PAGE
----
Lung carcinoma is one of the major problems of modern society. In the United States, it causes about 140,000 deaths annually; in England and Wales, it accounts for 40,000 deaths annually—about one-third of total cancer deaths and almost one-tenth of all deaths from any cause. The incidence has increased markedly since 1950 (approximately fivefold) and continues to increase. Rates of lung cancer vary greatly in different countries, principally due to differences in smoking habits.
Lung carcinoma is more common in males; the male:female ratio was 7:1 in 1960 but has fallen to about 2:1. Lung cancer has overtaken breast cancer as the leading cause of death by cancer in women. It is a disease of older individuals, being rare under 40 years of age.
Cigarette smoking is the main cause of lung carcinoma (Chapter 12: Disorders Due to Chemical Agents). Heavy cigarette smokers (over 40 cigarettes a day) have a 20-fold increase in incidence compared to nonsmokers. Cessation of smoking decreases the risk: 10 years after stopping smoking, the risk falls to that of a nonsmoker. The risk is only slightly less with “low-tar” filter cigarettes. Cigar smoking and pipe smoking carry a much lower risk (probably because of less smoke inhalation).
The mechanism by which smoking causes lung carcinoma is not clear. A large number of potent carcinogens are present in cigarette smoke, including polycyclic hydrocarbons, aromatic amines, and heavy metals such as nickel. Any or all of these may be involved in human carcinogenesis (Chapter 18: Neoplasia: II. Mechanisms & Causes of Neoplasia).
Cigarette smoking produces changes in the respiratory epithelium of humans. There is loss of cilia and progression from squamous metaplasia through all degrees of dysplasia to carcinoma in situ. Squamous metaplasia alone is not premalignant, but dysplasia is. Dysplasia is very uncommon in nonsmokers. In patients with lung carcinoma, the respiratory epithelium away from the neoplasm frequently shows dysplasia and carcinoma in situ.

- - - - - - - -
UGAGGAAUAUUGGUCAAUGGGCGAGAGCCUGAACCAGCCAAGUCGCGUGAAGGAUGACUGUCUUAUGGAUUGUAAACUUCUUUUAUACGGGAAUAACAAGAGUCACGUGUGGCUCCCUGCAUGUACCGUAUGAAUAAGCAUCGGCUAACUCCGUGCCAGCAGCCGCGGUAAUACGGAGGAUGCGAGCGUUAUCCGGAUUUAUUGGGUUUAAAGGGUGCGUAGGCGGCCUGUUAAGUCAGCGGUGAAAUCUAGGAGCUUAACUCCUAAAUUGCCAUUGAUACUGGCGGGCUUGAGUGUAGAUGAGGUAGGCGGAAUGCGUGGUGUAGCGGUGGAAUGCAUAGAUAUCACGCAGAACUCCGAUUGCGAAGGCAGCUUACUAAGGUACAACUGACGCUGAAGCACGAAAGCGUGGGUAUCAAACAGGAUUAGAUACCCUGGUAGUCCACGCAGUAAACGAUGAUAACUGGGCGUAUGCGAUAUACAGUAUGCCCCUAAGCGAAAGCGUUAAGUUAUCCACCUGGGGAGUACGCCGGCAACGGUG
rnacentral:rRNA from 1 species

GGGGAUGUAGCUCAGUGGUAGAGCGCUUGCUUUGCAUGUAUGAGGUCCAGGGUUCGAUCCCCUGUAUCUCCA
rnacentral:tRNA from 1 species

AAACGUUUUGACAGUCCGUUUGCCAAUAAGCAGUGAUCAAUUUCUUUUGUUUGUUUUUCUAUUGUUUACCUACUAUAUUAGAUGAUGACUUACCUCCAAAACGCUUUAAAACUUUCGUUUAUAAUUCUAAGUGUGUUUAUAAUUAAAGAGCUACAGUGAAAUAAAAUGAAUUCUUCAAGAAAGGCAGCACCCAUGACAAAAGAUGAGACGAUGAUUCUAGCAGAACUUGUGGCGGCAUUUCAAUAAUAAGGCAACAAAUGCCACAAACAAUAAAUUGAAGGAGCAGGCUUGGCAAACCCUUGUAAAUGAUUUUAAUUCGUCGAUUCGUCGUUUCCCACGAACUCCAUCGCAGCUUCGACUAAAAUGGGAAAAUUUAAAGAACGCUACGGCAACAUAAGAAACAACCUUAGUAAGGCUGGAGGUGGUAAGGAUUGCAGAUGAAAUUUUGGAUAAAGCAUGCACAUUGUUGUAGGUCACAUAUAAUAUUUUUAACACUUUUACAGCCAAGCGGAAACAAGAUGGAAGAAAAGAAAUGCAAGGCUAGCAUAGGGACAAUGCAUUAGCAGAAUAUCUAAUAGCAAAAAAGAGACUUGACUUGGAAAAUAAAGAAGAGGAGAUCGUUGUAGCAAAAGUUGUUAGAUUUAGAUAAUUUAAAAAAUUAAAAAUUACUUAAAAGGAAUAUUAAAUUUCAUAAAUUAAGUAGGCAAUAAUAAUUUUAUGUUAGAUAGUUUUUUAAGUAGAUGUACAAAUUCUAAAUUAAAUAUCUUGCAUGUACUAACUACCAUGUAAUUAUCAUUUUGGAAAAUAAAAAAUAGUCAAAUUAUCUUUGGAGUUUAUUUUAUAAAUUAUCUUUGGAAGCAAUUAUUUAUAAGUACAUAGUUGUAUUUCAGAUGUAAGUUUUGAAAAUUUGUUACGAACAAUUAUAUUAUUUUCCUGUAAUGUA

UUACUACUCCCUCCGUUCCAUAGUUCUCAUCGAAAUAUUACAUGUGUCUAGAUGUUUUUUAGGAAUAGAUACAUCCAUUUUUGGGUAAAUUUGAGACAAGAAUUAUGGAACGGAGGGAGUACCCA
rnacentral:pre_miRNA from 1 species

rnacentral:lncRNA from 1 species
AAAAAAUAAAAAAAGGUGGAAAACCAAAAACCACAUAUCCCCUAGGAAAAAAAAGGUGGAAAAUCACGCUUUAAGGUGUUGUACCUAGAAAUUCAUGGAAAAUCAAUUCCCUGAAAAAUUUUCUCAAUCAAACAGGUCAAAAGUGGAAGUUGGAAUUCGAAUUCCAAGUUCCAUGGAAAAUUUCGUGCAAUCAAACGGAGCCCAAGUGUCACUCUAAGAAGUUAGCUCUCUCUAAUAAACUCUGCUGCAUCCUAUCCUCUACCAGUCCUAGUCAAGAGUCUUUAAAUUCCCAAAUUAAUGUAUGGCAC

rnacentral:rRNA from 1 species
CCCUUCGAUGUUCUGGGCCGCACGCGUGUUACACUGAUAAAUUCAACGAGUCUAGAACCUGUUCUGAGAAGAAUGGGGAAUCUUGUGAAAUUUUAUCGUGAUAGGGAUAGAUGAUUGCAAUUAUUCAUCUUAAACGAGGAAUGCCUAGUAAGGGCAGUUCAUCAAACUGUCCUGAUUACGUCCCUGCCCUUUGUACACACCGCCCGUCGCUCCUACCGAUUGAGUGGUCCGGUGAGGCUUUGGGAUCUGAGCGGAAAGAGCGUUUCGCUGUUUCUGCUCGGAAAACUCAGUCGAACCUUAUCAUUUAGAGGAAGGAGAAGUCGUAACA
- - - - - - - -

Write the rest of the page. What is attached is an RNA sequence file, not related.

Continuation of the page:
Cigarette smoking is most strongly associated with squamous carcinoma and small cell undifferentiated carcinoma and to a lesser degree with adenocarcinoma.
The best-known occupational lung carcinogen is asbestos, exposure to which increases the risk of lung carcinoma as documented among World War II shipyard workers (Chapter 35: The Lung: II. Toxic, Immunologic, & Vascular Diseases). The risk of lung cancer following asbestos exposure is compounded by cigarette smoking.
Mining of many different heavy metals (eg, uranium, nickel, chromate, gold) is also associated with an increased risk of lung cancer.
Historically, the miners of Jstocáchymov in the Czech Republic and Schneeberg in Germany were described as developing “mountain sickness” for 4 centuries before it was realized that the sickness was lung carcinoma from ...